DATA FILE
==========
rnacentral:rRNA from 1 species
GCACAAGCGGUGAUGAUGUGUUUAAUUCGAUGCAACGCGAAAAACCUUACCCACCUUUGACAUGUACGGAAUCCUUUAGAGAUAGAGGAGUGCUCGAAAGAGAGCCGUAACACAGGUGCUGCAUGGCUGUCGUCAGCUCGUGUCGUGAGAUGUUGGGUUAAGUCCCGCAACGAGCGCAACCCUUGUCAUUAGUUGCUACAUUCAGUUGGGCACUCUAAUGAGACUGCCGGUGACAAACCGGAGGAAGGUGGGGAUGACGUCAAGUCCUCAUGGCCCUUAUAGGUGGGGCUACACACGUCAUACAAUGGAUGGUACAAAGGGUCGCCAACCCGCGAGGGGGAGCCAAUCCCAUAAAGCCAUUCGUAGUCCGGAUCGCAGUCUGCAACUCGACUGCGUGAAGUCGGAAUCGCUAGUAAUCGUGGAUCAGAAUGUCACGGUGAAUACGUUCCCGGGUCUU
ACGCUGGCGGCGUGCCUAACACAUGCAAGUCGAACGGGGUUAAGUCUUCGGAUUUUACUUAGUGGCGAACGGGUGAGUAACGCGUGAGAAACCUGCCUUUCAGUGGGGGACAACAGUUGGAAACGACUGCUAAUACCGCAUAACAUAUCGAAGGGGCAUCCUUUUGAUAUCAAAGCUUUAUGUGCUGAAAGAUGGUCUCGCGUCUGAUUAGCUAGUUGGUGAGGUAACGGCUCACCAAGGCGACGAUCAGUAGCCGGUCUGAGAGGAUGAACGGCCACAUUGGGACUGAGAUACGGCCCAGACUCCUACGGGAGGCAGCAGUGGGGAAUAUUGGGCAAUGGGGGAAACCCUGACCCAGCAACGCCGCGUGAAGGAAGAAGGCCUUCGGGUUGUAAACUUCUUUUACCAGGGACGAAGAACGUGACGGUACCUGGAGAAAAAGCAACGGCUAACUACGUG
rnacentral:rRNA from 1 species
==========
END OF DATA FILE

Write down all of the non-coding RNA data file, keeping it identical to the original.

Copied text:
rnacentral:rRNA from 1 species
GCACAAGCGGUGAUGAUGUGUUUAAUUCGAUGCAACGCGAAAAACCUUACCCACCUUUGACAUGUACGGAAUCCUUUAGAGAUAGAGGAGUGCUCGAAAGAGAGCCGUAACACAGGUGCUGCAUGGCUGUCGUCAGCUCGUGUCGUGAGAUGUUGGGUUAAGUCCCGCAACGAGCGCAACCCUUGUCAUUAGUUGCUACAUUCAGUUGGGCACUCUAAUGAGACUGCCGGUGACAAACCGGAGGAAGGUGGGGAUGACGUCAAGUCCUCAUGGCCCUUAUAGGUGGGGCUACACACGUCAUACAAUGGAUGGUACAAAGGGUCGCCAACCCGCGAGGGGGAGCCAAUCCCAUAAAGCCAUUCGUAGUCCGGAUCGCAGUCUGCAACUCGACUGCGUGAAGUCGGAAUCGCUAGUAAUCGUGGAUCAGAAUGUCACGGUGAAUACGUUCCCGGGUCUU
ACGCUGGCGGCGUGCCUAACACAUGCAAGUCGAACGGGGUUAAGUCUUCGGAUUUUACUUAGUGGCGAACGGGUGAGUAACGCGUGAGAAACCUGCCUUUCAGUGGGGGACAACAGUUGGAAACGACUGCUAAUACCGCAUAACAUAUCGAAGGGGCAUCCUUUUGAUAUCAAAGCUUUAUGUGCUGAAAGAUGGUCUCGCGUCUGAUUAGCUAGUUGGUGAGGUAACGGCUCACCAAGGCGACGAUCAGUAGCCGGUCUGAGAGGAUGAACGGCCACAUUGGGACUGAGAUACGGCCCAGACUCCUACGGGAGGCAGCAGUGGGGAAUAUUGGGCAAUGGGGGAAACCCUGACCCAGCAACGCCGCGUGAAGGAAGAAGGCCUUCGGGUUGUAAACUUCUUUUACCAGGGACGAAGAACGUGACGGUACCUGGAGAAAAAGCAACGGCUAACUACGUG
rnacentral:rRNA from 1 species